Part of National Museums Liverpool
More than 1,300 items from our significant Egyptology collection. The full collection is one of the largest in the UK with 16,000 items spanning from the Prehistoric (c.5300 BC) to the end of the Byzantine Period (642 AD).
There are just six weeks left to see our fascinating exhibition Animal Mummies Revealed! Dr Stephanie Atherton-Woolham and Dr Lidija McKnight from the Ancient Egypt Animal Mummy Bio Bank led on the research for the project, working closely with staff here at World Museum and Kelvingrove .
Author: Cooke, Ashley
Publisher: The Classical Press of Wales
Description: Ashley Cooke, ‘Flaxman Spurrell’s Experimenting with Painting Materials' in Carolyn Graves-Brown (editor) 'Egyptology in the Present: Experiential and Experimental Methods in Archaeology' (The Classical Press of Wales, 2015) pp. 1-11.
Author: Petrie, William Matthew Flinders
Publisher: David Nutt
Description: Available onlione at http://www.archive.org/stream/cu31924028670465#page/n6/mode/thumb
Author: Spurrell, Flaxman Charles John
Publisher: Royal Archaeological Institute
Description: In 1895 Spurrell published ‘Notes on Egyptian Colours’ which was a culmination of several papers he had contributed to the Royal Archaeological Institute in the early 1890’s, based principally on material from Flinders Petrie’s excavations (1895, 222-39). At this point Petrie had supplied Spurrell with a full range of colour samples from the Fourth Dynasty to the Roman Period. These 50 colours are typically held between two watch glasses and are from fairly securely dated provenances: Fourth Dynasty (Meidum and Dahshur), Twelfth Dynasty (Lahun), Eighteenth Dynasty (Amarna), New Kingdom (Gurob) and Roman Period (Hawara). Spurrell validates his study by stating that ‘Mr. Petrie’s specimens have the special value of being correctly dated’ and disputes some earlier studies that used museum samples with no specific contextual data. Following typical Victorian ideas of progress and cultural evolution Spurrell’s study chiefly aims to ‘mark chronological changes’ from the Fourth to Eighteenth Dynasties (1895, 222).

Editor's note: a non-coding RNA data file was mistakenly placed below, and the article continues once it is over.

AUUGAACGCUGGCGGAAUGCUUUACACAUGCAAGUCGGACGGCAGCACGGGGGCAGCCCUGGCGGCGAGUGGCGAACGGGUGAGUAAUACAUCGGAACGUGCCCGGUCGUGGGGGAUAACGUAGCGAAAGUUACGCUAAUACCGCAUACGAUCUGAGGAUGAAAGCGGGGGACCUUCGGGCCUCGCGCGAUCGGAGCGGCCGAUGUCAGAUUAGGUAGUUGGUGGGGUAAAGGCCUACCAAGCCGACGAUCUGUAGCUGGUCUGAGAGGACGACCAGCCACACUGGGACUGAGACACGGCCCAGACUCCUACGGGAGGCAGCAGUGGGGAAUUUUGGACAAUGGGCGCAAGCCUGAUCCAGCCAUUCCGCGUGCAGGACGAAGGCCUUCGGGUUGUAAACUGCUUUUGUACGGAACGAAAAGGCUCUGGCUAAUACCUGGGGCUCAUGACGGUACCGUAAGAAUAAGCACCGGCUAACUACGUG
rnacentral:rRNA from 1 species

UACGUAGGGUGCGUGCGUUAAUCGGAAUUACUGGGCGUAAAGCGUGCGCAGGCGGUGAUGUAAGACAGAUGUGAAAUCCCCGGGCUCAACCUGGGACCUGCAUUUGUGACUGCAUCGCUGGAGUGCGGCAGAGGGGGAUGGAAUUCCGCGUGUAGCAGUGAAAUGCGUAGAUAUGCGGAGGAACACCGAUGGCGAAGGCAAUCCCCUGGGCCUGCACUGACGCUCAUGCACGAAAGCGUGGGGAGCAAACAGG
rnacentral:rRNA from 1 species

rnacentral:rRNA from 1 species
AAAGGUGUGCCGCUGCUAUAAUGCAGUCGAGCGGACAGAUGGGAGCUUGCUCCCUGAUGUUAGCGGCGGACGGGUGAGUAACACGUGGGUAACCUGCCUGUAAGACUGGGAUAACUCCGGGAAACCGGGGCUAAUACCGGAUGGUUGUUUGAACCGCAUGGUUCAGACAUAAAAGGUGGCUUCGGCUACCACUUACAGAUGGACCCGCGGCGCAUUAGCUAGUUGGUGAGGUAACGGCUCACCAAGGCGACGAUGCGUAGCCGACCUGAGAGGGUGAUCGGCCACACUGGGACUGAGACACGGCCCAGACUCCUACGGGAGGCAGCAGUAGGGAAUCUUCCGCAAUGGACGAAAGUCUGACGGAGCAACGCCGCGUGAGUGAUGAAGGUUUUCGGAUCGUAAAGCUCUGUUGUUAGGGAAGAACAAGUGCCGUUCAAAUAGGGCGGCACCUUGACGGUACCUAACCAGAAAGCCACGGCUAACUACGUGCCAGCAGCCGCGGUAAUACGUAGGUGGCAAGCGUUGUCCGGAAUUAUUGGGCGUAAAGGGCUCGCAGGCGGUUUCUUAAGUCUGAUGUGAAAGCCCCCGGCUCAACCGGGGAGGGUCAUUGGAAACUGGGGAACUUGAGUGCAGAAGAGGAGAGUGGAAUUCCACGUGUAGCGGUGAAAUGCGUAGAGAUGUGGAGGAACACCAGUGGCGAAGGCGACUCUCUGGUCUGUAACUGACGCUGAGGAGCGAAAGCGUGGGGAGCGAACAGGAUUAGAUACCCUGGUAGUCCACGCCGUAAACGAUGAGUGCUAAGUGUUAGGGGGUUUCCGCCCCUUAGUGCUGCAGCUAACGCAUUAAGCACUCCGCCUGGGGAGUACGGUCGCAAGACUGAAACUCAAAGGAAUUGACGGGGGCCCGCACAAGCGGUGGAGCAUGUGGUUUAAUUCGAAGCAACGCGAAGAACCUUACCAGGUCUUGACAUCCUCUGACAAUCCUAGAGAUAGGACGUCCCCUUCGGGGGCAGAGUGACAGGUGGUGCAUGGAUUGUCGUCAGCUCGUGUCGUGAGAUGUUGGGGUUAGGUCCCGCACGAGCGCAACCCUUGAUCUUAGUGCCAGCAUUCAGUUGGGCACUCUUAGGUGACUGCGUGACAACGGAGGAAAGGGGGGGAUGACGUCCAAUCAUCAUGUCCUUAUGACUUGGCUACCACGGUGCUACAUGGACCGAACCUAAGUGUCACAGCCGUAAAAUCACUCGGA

Start date: 1890
End date: 1890
Description: Excavations directed by Flinders Petrie at Meidum. At this time Petrie's fieldwork was largely being sponsored by two men: Jesse Haworth (1835-1921) and Henry Martin Kennard (1833-1911). Petrie gave some of his finds to his close friend, Flaxman Spurrell (1842-1915), whose collection was given to Norwich Castle Museum which was then purchased by Liverpool Museum in 1956. Spurrell's collection includes pigments from Meidum.
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